Legislation seeks changes to red snapper managementPosted on
A bipartisan coalition led by U.S. Rep. Jeff Miller, R-Fla., and Rep. Cedric Richmond, D-La., introduced legislation Thursday that seeks to change the federal management of red snapper fishing in four Gulf states.
The legislation comes after the governors of those states released a joint letter to House and Senate leadership arguing that the federal management of Gulf red snapper is irretrievably broken and calling for a coordinated Gulf states partnership for red snapper management, according to a statement.
Federal management of red snapper has painted itself into a corner. We have a robust red snapper population in the Gulf, but 2013 was as chaotic a season as anglers have ever seen, Center for Coastal Conservation president Jeff Angers said in a statement. The season started as the shortest ever, saw a revolt by some states that resulted in even shorter seasons, endured a lawsuit, received a glowing stock assessment and the promise of a fall season, only to crash on wild estimates of over-harvest that put the fall season in jeopardy. This is no way to manage a fishery, and this legislation presents a way out of this no-win situation.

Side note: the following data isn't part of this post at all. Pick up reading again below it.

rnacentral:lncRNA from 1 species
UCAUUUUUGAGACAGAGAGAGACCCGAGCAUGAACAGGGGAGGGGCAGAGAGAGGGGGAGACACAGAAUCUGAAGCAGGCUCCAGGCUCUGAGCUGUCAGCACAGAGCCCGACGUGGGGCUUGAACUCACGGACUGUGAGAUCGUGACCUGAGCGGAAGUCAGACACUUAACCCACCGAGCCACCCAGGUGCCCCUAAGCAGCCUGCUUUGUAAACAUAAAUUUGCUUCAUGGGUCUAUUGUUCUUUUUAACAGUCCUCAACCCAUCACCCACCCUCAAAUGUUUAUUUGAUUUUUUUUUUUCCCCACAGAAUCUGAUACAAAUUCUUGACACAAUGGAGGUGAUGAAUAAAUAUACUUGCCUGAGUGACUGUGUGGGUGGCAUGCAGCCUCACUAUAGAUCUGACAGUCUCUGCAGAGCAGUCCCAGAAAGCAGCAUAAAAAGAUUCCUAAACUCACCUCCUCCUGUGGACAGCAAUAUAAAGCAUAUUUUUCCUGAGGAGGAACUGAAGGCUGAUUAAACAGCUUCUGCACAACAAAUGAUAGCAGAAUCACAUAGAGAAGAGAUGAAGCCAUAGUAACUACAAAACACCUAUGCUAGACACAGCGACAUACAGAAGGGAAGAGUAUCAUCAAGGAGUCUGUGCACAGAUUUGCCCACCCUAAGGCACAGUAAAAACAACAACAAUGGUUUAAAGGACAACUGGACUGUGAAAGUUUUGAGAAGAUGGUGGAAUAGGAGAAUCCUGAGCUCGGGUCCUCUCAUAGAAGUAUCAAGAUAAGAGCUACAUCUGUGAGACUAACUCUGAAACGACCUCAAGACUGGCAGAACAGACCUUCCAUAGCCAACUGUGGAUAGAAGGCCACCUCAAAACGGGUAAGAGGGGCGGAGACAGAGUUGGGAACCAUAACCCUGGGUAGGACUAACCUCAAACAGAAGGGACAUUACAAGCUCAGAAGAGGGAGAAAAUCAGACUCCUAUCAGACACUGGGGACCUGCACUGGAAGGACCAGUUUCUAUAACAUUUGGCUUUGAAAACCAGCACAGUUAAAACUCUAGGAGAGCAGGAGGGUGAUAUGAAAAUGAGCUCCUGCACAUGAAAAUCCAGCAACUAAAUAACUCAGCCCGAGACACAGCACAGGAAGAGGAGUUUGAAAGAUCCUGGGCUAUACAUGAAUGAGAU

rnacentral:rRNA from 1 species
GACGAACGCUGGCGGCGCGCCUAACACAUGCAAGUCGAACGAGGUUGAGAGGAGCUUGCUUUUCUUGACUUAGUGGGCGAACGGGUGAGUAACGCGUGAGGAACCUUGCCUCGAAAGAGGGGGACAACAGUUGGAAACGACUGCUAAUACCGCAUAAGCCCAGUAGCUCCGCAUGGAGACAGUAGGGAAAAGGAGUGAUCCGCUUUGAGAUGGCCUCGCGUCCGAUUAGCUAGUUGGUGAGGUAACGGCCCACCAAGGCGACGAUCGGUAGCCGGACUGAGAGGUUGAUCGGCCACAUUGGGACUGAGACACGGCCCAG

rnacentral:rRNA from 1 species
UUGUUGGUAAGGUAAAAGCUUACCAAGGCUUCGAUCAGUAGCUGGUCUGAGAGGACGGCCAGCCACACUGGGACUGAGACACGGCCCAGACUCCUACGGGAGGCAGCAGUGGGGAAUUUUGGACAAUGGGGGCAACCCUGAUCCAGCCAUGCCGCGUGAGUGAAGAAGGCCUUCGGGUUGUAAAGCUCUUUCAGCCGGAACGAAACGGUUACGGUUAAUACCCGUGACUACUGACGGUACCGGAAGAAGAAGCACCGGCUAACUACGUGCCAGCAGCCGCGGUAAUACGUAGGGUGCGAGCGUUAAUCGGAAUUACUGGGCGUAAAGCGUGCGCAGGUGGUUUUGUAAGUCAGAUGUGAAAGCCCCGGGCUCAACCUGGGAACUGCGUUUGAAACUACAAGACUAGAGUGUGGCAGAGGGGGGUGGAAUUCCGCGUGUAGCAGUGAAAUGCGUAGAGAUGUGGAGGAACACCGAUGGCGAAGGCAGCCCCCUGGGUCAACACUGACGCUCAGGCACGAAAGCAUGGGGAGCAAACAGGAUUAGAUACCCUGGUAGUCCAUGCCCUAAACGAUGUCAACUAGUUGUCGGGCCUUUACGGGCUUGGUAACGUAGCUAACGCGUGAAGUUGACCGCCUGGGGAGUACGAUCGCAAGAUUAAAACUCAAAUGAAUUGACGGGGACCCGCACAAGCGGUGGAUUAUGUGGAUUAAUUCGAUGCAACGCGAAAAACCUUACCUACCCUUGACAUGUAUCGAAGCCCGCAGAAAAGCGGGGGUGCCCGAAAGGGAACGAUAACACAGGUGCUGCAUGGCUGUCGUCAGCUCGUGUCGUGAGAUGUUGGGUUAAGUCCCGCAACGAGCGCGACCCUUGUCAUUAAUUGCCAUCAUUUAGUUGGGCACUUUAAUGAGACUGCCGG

Joining Miller and Richmond as original co-sponsors of the Gulf of Mexico Red Snapper Conservation Act were U.S. Reps. Charles Boustany, R-La.; Jeff Duncan, R-S.C.; Blake Farenthold, R-Texas; Bob Latta, R-Ohio; Pete Olson, R-Texas; Steven Palazzo, R-Miss.; Mike Rogers, R-Ala.; Steve Scalise, R-La.; Austin Scott, R-Ga.; Bennie Thompson, D-Miss.; Tim Walz, D-Minn.; Lynn Westmoreland, R-Ga., and Rob Wittman, R-Va.
Frustration over management compelled several Gulf states to seek greater control of the fishery in their own waters. In retaliation, the National Marine Fisheries Service used an emergency rule process to reduce the recreational season to nine days off Louisiana and 12 days off Texas. Both states sued and a federal court overturned the action.